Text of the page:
PITTSBURGH – SEPTEMBER 1, 2023 – The Pittsburgh Parks Conservancy released its Fall Programming Guide, which includes a full schedule of free and ticketed activities across the City of Pittsburgh. The unique variety of programs encourages Pittsburghers to get outdoors, exercise in nature, and engage in family-friendly neighborhood events.

Organized by park location and activity type, the Fall Programming Guide includes events hosted by the Parks Conservancy, the City of Pittsburgh, and community partners. The activities will occur in Allegheny Commons Park on the Northside, the Frick Environmental Center in the East End, Schenley Park and Schenley Plaza in Oakland, August Wilson Park in the Hill District, Mellon Square downtown, and several other neighborhood parks.

According to Catherine Qureshi, president and CEO, Pittsburgh Parks Conservancy, the nonprofit has diversified the variety of programs offered to parkgoers this fall to cater to the unique needs of Pittsburgh’s vibrant neighborhoods.  

“The release of the Fall Programming Guide is an opportunity for Pittsburghers of all ages to discover the wonders of nature through immersive programs that are truly curated for everyone to enjoy,” Qureshi said. “From Stewardship Days in Hays Woods to the annual ‘Bump in the Night’ festivities at the Frick Environmental Center to the beloved Kids Days in Schenley Plaza, the Parks Conservancy is thrilled to bring back old favorites and introduce new activities that were desired by the community.”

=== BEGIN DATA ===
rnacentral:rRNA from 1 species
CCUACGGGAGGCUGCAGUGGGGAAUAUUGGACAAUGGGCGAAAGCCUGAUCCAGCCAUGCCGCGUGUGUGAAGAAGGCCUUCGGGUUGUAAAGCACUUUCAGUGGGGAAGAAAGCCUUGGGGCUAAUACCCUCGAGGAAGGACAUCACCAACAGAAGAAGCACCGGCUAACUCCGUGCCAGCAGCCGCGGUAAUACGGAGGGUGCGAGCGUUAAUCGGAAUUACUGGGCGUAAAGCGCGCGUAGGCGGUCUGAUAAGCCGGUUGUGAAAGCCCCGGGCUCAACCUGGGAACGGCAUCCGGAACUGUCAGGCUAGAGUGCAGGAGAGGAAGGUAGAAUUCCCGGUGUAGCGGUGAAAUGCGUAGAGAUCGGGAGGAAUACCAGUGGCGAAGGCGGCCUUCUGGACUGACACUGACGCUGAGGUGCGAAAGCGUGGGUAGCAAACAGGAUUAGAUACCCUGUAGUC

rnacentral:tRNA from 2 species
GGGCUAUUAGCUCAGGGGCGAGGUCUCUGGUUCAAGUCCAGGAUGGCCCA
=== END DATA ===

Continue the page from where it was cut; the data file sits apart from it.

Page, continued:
Some events will feature health and wellness-focused programs that cater to all skill levels. Family-friendly programming will occur in September and October, including a monthly ‘Kid’s Day’ in Schenley Plaza, movie nights, concerts, and educational events such as story time.  

In addition, there will be numerous stewardship opportunities in Pittsburgh’s newest park, Hays Woods, which includes invasive species removal, litter picking, and trail maintenance.

To access the Fall Programming Guide and a full list of events, visit pittsburghparks.org.


Contact: Alana Wenk                                                    
Pittsburgh Parks Conservancy                                        

About Pittsburgh Parks Conservancy:  
The Pittsburgh Parks Conservancy was founded in December 1996 by a group of citizens concerned with the deteriorating conditions of Pittsburgh’s historic city parks. A non-profit organization, the Parks Conservancy works closely with the City of Pittsburgh under an official public-private partnership agreement to restore and improve the city’s park system to its full potential. To date, the Parks Conservancy has raised more than $145 million and completed 23 major park improvement projects. The Parks Conservancy works with thousands of volunteers, hosts hundreds of events, and provides programming for more than 7,500 children annually.